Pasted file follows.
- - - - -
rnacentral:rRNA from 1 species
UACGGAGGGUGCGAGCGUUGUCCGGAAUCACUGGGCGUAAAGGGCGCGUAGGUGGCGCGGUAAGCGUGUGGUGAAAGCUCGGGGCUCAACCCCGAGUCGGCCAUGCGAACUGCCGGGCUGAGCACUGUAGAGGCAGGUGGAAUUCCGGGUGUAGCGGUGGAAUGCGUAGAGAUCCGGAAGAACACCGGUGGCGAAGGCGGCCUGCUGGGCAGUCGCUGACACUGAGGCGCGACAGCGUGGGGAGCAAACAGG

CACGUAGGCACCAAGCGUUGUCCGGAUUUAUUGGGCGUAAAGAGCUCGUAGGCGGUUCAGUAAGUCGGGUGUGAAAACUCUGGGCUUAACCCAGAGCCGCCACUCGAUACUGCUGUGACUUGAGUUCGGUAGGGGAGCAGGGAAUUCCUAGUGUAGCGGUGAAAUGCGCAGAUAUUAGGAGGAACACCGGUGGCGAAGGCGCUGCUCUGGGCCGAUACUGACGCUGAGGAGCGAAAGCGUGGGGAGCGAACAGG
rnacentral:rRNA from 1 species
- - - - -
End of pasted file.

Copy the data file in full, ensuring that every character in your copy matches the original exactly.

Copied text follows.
rnacentral:rRNA from 1 species
UACGGAGGGUGCGAGCGUUGUCCGGAAUCACUGGGCGUAAAGGGCGCGUAGGUGGCGCGGUAAGCGUGUGGUGAAAGCUCGGGGCUCAACCCCGAGUCGGCCAUGCGAACUGCCGGGCUGAGCACUGUAGAGGCAGGUGGAAUUCCGGGUGUAGCGGUGGAAUGCGUAGAGAUCCGGAAGAACACCGGUGGCGAAGGCGGCCUGCUGGGCAGUCGCUGACACUGAGGCGCGACAGCGUGGGGAGCAAACAGG

CACGUAGGCACCAAGCGUUGUCCGGAUUUAUUGGGCGUAAAGAGCUCGUAGGCGGUUCAGUAAGUCGGGUGUGAAAACUCUGGGCUUAACCCAGAGCCGCCACUCGAUACUGCUGUGACUUGAGUUCGGUAGGGGAGCAGGGAAUUCCUAGUGUAGCGGUGAAAUGCGCAGAUAUUAGGAGGAACACCGGUGGCGAAGGCGCUGCUCUGGGCCGAUACUGACGCUGAGGAGCGAAAGCGUGGGGAGCGAACAGG
rnacentral:rRNA from 1 species